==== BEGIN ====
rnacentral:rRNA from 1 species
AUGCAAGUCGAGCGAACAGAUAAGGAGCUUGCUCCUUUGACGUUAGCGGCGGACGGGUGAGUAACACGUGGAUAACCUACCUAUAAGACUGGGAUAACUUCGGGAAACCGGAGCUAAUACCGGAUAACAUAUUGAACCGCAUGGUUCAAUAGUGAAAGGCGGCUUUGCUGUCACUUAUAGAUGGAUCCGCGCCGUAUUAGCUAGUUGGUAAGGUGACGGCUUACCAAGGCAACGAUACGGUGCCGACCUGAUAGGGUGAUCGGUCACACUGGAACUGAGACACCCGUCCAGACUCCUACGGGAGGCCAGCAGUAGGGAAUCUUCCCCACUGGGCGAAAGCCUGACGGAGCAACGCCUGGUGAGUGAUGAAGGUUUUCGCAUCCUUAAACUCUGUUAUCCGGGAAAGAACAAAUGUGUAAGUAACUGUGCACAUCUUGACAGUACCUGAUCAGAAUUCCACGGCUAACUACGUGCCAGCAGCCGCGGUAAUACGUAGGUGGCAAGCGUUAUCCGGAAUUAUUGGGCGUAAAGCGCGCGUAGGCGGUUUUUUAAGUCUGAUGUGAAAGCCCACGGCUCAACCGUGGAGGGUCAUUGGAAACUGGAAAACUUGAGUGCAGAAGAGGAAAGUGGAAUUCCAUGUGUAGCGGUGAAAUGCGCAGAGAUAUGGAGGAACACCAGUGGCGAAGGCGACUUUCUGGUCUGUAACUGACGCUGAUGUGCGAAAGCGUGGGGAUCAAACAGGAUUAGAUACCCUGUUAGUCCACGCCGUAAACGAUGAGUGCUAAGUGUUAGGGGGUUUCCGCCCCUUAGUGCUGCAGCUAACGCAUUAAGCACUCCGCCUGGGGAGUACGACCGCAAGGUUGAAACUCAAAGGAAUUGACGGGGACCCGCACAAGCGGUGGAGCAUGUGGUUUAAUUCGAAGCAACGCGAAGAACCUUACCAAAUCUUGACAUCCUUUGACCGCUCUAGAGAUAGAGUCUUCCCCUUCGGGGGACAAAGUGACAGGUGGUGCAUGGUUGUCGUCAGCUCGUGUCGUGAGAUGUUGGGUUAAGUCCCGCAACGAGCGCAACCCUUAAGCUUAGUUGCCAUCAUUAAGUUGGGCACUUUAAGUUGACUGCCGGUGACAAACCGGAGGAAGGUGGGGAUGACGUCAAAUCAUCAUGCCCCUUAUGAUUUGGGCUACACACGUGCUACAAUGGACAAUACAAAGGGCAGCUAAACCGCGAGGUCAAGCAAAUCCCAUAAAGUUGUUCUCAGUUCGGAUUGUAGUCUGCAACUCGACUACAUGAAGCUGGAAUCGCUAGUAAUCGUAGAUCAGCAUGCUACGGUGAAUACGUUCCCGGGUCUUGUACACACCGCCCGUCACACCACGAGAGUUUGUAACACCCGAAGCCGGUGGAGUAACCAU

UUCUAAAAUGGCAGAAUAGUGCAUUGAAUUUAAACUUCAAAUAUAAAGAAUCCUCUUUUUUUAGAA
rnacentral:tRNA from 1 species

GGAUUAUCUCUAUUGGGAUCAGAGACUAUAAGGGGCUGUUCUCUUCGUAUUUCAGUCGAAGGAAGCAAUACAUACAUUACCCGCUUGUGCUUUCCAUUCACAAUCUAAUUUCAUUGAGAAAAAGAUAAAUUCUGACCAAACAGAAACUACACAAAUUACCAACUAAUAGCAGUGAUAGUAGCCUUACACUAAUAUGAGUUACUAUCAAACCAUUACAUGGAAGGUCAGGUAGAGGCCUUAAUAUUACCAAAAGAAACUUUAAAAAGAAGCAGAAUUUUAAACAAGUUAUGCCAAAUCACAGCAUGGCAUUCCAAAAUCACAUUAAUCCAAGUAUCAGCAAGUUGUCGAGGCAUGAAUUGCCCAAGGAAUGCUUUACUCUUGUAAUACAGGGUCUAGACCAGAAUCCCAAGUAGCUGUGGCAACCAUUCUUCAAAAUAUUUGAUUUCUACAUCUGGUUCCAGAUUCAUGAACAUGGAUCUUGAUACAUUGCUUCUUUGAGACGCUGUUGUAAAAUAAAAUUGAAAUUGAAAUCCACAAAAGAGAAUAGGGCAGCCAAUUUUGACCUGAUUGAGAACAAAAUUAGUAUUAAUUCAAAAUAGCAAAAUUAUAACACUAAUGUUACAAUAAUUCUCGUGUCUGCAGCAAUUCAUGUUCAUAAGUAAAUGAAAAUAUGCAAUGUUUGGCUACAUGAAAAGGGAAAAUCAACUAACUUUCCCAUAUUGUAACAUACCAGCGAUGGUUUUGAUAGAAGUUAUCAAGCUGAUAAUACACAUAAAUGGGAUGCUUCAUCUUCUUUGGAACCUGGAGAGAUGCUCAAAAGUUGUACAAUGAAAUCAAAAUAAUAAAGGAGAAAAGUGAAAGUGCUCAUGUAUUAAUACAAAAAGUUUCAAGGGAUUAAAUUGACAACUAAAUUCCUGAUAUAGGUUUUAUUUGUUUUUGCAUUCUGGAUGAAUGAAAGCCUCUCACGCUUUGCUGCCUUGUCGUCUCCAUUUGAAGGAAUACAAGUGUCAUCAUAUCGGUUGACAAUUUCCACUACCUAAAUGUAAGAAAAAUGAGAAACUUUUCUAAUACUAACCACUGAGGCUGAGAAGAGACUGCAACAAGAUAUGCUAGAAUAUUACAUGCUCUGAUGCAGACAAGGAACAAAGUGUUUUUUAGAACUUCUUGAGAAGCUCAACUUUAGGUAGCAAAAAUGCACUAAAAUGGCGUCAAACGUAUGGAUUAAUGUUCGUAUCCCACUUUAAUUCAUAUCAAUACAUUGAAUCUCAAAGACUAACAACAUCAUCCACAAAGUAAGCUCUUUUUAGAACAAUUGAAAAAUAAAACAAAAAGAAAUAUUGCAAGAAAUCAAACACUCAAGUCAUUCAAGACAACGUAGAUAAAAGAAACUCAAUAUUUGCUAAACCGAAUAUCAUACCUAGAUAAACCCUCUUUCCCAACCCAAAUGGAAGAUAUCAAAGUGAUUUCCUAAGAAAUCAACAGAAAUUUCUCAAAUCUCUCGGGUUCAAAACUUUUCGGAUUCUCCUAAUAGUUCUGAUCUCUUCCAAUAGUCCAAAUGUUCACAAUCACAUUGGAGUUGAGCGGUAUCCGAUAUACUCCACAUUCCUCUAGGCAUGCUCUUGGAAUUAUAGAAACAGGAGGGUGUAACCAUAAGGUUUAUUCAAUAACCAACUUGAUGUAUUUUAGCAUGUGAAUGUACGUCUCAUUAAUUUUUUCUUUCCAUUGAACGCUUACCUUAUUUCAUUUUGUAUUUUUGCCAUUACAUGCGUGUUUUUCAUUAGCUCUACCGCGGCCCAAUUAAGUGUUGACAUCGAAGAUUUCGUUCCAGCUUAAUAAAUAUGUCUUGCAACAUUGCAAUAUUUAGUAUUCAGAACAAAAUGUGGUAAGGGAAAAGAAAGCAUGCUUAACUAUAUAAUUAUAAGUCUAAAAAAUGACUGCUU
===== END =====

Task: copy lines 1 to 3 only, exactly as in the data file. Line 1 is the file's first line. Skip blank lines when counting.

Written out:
rnacentral:rRNA from 1 species
AUGCAAGUCGAGCGAACAGAUAAGGAGCUUGCUCCUUUGACGUUAGCGGCGGACGGGUGAGUAACACGUGGAUAACCUACCUAUAAGACUGGGAUAACUUCGGGAAACCGGAGCUAAUACCGGAUAACAUAUUGAACCGCAUGGUUCAAUAGUGAAAGGCGGCUUUGCUGUCACUUAUAGAUGGAUCCGCGCCGUAUUAGCUAGUUGGUAAGGUGACGGCUUACCAAGGCAACGAUACGGUGCCGACCUGAUAGGGUGAUCGGUCACACUGGAACUGAGACACCCGUCCAGACUCCUACGGGAGGCCAGCAGUAGGGAAUCUUCCCCACUGGGCGAAAGCCUGACGGAGCAACGCCUGGUGAGUGAUGAAGGUUUUCGCAUCCUUAAACUCUGUUAUCCGGGAAAGAACAAAUGUGUAAGUAACUGUGCACAUCUUGACAGUACCUGAUCAGAAUUCCACGGCUAACUACGUGCCAGCAGCCGCGGUAAUACGUAGGUGGCAAGCGUUAUCCGGAAUUAUUGGGCGUAAAGCGCGCGUAGGCGGUUUUUUAAGUCUGAUGUGAAAGCCCACGGCUCAACCGUGGAGGGUCAUUGGAAACUGGAAAACUUGAGUGCAGAAGAGGAAAGUGGAAUUCCAUGUGUAGCGGUGAAAUGCGCAGAGAUAUGGAGGAACACCAGUGGCGAAGGCGACUUUCUGGUCUGUAACUGACGCUGAUGUGCGAAAGCGUGGGGAUCAAACAGGAUUAGAUACCCUGUUAGUCCACGCCGUAAACGAUGAGUGCUAAGUGUUAGGGGGUUUCCGCCCCUUAGUGCUGCAGCUAACGCAUUAAGCACUCCGCCUGGGGAGUACGACCGCAAGGUUGAAACUCAAAGGAAUUGACGGGGACCCGCACAAGCGGUGGAGCAUGUGGUUUAAUUCGAAGCAACGCGAAGAACCUUACCAAAUCUUGACAUCCUUUGACCGCUCUAGAGAUAGAGUCUUCCCCUUCGGGGGACAAAGUGACAGGUGGUGCAUGGUUGUCGUCAGCUCGUGUCGUGAGAUGUUGGGUUAAGUCCCGCAACGAGCGCAACCCUUAAGCUUAGUUGCCAUCAUUAAGUUGGGCACUUUAAGUUGACUGCCGGUGACAAACCGGAGGAAGGUGGGGAUGACGUCAAAUCAUCAUGCCCCUUAUGAUUUGGGCUACACACGUGCUACAAUGGACAAUACAAAGGGCAGCUAAACCGCGAGGUCAAGCAAAUCCCAUAAAGUUGUUCUCAGUUCGGAUUGUAGUCUGCAACUCGACUACAUGAAGCUGGAAUCGCUAGUAAUCGUAGAUCAGCAUGCUACGGUGAAUACGUUCCCGGGUCUUGUACACACCGCCCGUCACACCACGAGAGUUUGUAACACCCGAAGCCGGUGGAGUAACCAU

UUCUAAAAUGGCAGAAUAGUGCAUUGAAUUUAAACUUCAAAUAUAAAGAAUCCUCUUUUUUUAGAA